The FTSE remains in no man’s land

The index is caught between long-term resistance and short-term support. John C Burford watches the charts for signs of a break-out.

On Wednesday, I put the FTSE in no man's land. Since then it has tried to advance out of it, but on Friday it was beaten into a retreat by superior forces.

Just to quickly refresh your memory, this was the chart last Wednesday:

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I called this region no man's land because it lies between the resistance of the long-term tramline and the support of the shorter-term tramline.

And breaking out of this zone would be a significant event.

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So this morning, I want to assess the current position, because a correct reading will help swing traders determine their next trade.

The tell-tale sign of a changing trend


Lo and behold, the rally, which was underway on Wednesday, extended further into Friday and planted a kiss (with slight pigtail) on my wedge line. Isn't that pretty?

That kiss beautifully illustrates the principle that when a tramline or a wedge line has been broken, that event transforms it into its opposite. The wedge line had been a line of support for many months until the clear break on 1 August. That break transformed it into a line of resistance.

Now, instead of going long on the wedge line prior to the break, the correct trade is to go short. The trend has changed and the kiss is the tell-tale signal.

The kiss is actually one of my favourite trade setups. It offers a low risk opportunity to enter in the new direction of travel.

Now, any short trades taken at the kiss can be protected by a close stop. Even if the market does resume its rally, only a small loss will be taken. Remember, there are no 100% sure things in trading, despite our best efforts at analysing the market.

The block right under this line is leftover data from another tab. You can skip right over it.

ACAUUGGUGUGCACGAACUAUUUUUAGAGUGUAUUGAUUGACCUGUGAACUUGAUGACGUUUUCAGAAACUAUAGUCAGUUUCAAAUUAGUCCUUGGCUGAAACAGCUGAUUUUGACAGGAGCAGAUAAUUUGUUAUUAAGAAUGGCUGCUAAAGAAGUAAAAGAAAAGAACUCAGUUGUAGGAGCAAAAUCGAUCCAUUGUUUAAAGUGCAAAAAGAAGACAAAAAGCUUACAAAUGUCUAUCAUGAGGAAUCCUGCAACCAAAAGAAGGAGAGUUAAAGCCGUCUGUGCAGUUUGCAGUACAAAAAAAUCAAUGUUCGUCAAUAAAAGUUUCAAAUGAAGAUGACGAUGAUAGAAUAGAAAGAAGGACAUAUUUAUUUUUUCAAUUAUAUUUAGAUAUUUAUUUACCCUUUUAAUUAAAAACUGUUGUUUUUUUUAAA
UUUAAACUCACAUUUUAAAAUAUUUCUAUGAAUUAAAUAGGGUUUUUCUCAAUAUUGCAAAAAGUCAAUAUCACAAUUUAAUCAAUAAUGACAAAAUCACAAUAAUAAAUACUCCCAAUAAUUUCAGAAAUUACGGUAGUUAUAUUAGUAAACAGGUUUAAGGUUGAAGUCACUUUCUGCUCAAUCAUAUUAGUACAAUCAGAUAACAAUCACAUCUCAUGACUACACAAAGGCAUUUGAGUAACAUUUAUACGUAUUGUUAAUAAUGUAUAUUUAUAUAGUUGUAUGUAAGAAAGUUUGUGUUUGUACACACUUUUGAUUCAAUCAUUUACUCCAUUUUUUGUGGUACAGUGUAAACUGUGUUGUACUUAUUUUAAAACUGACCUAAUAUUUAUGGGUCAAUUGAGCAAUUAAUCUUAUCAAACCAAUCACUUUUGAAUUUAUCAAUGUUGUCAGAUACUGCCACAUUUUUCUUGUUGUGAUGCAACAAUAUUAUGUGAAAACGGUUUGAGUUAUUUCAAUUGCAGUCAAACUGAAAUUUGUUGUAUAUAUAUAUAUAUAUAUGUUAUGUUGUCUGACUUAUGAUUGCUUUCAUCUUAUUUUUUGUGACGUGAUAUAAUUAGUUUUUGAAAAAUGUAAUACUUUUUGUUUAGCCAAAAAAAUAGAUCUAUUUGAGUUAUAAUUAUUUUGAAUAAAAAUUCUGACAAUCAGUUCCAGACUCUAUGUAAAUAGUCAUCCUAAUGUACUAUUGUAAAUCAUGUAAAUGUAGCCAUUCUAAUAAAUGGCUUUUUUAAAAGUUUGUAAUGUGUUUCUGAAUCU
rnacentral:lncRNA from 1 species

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Did the market reach a Fibonacci level?

A-B-C pattern

This was the chart:


Did I get my three up, and did the market reach a Fibonacci level?


Yes indeed. I have three up and the C wave ended at the Fibonacci 2/3 (67%) level. Remember, the ratio 2/3 is also a Fibonacci level despite its absence on the trading tool provided by many platforms.

You should always keep in mind that 1/3 and 2/3 are legitimate Fibonacci levels and reversals can occur at either, although reversals from the 1/3 level are quite rare.

Interestingly, over in the Dow the rally carried to the Fibonacci 62% level.

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Will the FTSE break out of no-man's land?


I have excellent tramlines with a PPP (prior pivot point) on the upper line, which has that large overshoot. Remember, an overshoot usually heralds a sharp move in the opposite direction, which did occur right on cue. It was the steepest setback of the entire rally.

Also note that the sharp decline on Friday out of the overshoot was reversed exactly on the lower line a significant verification of that line as a valid line of support.

That means that a break of that lower line would now be a significant - and another tradable - event.



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